1 1/2 cups natural vanilla ice cream
3 inch size flat piece of sweet crystallized ginger (store bought)
1 1/2 tsp filtered pure raw ginger juice
1/8 cup heavy cream

Take the vanilla ice cream out from the freezer and keep it at normal temperature.

Cut 3 inches of flat crystallized ginger into very fine pieces and set them aside. 

Take approximately 2 inches of ginger root and crush it. Squeezing the crushed ginger with your fingers, filter the pure ginger juice through a strainer and set it aside. We need 1 1/2 tsp of ginger juice. 

In a small bowl take 1/8 cup of heavy cream, add the 1 1/2 tsp of ginger juice to it. Just about bring the heavy cream to a boil, so that the rawness of the ginger goes away. Let it cool for a few minutes.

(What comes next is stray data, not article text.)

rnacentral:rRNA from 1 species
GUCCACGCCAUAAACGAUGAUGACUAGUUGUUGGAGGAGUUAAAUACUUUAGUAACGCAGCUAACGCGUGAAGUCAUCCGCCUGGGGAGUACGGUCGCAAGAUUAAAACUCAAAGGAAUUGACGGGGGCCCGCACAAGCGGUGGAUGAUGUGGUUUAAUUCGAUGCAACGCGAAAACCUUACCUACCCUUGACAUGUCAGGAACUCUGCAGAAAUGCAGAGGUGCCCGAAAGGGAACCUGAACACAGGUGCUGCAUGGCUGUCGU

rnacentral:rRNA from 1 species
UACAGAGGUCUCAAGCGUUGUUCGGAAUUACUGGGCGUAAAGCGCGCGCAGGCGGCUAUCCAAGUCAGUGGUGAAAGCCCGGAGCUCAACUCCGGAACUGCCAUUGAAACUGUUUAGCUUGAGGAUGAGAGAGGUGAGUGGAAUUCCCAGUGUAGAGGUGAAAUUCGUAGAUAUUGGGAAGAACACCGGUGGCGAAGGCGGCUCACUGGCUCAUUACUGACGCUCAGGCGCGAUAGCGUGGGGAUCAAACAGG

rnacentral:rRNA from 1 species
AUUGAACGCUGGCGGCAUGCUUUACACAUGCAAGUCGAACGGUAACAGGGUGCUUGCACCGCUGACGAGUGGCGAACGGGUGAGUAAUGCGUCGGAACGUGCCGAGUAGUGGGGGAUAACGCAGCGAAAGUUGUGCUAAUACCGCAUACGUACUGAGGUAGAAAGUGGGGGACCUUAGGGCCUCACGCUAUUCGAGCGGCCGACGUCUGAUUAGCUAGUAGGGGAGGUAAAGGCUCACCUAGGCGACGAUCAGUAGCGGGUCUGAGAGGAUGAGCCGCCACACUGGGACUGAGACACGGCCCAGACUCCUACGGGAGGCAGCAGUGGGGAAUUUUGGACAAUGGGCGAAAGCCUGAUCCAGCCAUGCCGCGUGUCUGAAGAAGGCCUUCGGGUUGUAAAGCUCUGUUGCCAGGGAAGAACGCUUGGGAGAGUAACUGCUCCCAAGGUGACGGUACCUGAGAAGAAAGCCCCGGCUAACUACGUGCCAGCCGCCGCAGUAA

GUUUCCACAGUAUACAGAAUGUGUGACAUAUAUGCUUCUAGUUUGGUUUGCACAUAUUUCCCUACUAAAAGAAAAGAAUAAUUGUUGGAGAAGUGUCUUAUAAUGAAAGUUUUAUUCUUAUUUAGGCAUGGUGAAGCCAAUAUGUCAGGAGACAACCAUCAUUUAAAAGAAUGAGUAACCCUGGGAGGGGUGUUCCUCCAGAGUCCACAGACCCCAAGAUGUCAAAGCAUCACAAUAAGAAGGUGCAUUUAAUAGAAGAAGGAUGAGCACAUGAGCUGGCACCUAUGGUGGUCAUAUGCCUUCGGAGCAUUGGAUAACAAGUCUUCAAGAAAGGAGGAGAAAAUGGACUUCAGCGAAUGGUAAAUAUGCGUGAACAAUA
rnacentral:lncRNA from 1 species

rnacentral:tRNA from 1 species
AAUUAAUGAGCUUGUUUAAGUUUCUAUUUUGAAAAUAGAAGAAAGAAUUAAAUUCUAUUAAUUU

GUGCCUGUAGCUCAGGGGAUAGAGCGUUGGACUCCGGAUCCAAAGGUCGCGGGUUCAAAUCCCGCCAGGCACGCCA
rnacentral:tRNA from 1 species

In a mixing bowl, put 1 1/2 cups of vanilla ice cream, and add the heavy cream ginger juice mix, and the cut crystallized ginger pieces. With a spoon mix everything well together till it forms a smooth texture. 

Pour the ice cream mix back into its original container, and refreeze it. 

Serve it cold as is, or add some more crumbs of crystallized ginger on top if you are the gingery kind :-). Enjoy!

Health Rating: Medium

Monday, July 12, 2010

Mast-O-Khiar (Persian Cucumber and Mint with Yogurt) (Serves 8)

How could I leave this dish that we had served as an accompaniment to biryani during the BBQ cookout we had a couple of months ago?

This is one of my favorite dishes and I always order this when I am at a middle eastern kebab place. I just love the flavor of the mint and the cucumber infused in the yogurt. I added a few additional ingredients as an experiment.

This is an absolutely tasty dish and very soothing for the body, especially during the hot summer months.

It is very similar in preparation to the Indian raita, but a few different ingredients make such a huge difference to the final taste!

3 cups strained yogurt (Greek)
1 garlic clove
1 small bunch Parsley leaves
14 fresh mint leaves
5 small to medium Persian cucumbers